Computer Science Graduate Student
Computer science graduate student Joel Oduro-Afriyie is spending the summer developing the conversational AI system, Omniscient.
Oduro-Afriyie’s system would help AI-powered virtual assistants better understand paragraphs of natural language and use that information to deduce concepts that are not explicitly stated. A user can ask a random number of questions, and Omniscient will use the information to deduce the best answer.
To put his research in perspective, Oduro-Afriyie recalls a time he asked Google Assistant to set an alarm. The request worked perfectly. But when he next asked Google to recall the “last alarm” set, instead of pulling up his last wake-up call, Google provided a synopsis of the 1940s movie drama “The Last Alarm.”
Ideally, tools like Omniscient could use information from Oduro-Afriyie’s last request to assume he wasn’t asking for movie reviews. This tool could also be used to help researchers better use applications they’re not familiar with.
“If a researcher is not well-versed with commands and scripting, they should be able to tell the computer to ‘fetch that’ or ‘zoom into this,' ” Oduro-Afriyie said. “They shouldn’t have to learn complicated coding languages to use the system.”
Oduro-Afriyie is also working part-time for the U of I Library, analyzing 10 years of data from the United States Geological Survey to design a web interface to measure research topic interest trends over time.
A team of U of I engineering students are using high-altitude balloons to prep for future tracking of gravity waves, large-scale disturbances in the atmosphere, that help us predict the weather.
Atmospheric gravity waves are also present during a total solar eclipse, and scientists have been trying to detect eclipse-induced waves for decades.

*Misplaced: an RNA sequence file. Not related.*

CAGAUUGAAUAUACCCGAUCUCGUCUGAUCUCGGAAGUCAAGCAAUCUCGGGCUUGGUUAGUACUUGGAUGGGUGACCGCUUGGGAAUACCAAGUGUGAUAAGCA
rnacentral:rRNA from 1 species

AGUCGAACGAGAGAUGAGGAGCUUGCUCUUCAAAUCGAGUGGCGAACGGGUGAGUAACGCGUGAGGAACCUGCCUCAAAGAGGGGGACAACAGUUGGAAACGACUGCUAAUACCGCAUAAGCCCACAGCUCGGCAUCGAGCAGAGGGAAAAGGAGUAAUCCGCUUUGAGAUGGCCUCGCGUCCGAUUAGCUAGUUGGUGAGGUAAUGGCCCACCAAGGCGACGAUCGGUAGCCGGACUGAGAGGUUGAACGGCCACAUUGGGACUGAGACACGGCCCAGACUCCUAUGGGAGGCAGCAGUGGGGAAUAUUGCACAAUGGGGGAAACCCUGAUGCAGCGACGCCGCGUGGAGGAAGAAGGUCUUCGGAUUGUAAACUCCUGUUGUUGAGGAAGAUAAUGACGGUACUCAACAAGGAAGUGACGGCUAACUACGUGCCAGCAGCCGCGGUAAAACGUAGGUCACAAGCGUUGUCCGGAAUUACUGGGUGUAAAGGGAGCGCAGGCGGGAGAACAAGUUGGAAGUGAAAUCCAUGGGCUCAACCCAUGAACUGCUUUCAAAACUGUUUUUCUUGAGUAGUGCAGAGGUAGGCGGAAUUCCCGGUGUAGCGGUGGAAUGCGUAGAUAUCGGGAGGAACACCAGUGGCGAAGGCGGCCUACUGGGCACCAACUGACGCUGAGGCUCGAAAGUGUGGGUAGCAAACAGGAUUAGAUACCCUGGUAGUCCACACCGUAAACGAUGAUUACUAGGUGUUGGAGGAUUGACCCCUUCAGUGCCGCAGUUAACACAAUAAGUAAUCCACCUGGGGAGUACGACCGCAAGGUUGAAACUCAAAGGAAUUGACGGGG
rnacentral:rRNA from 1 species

A total solar eclipse will occur over Chile and Argentina this winter, and students will travel, pandemic permitting, to South America along the path of totality to launch payloads every hour on the hour from Dec. 13-15.
Working with other university teams from Montana, Oklahoma and Kentucky, U of I students will gather launch data to gain a better understanding of Earth’s dynamic atmospheric and improve global weather forecast models and climate change mitigation processes.
The program is administered by the NASA Idaho Space Grant Consortium and is funded through the National Science Foundation.
Work this summer will focus on weekly launch sessions to ensure the team is prepared for the timing and accuracy required during the consecutive launches abroad.
Launches occur every Wednesday on the Theophilus Tower lawn.
Mechanical Engineering Graduate Student
Graduate mechanical engineering student Maxwell Johnson is spending the summer gathering data on the hardness and microstructure changes of irradiated materials for nuclear reactors using our new Nano Indenter G200.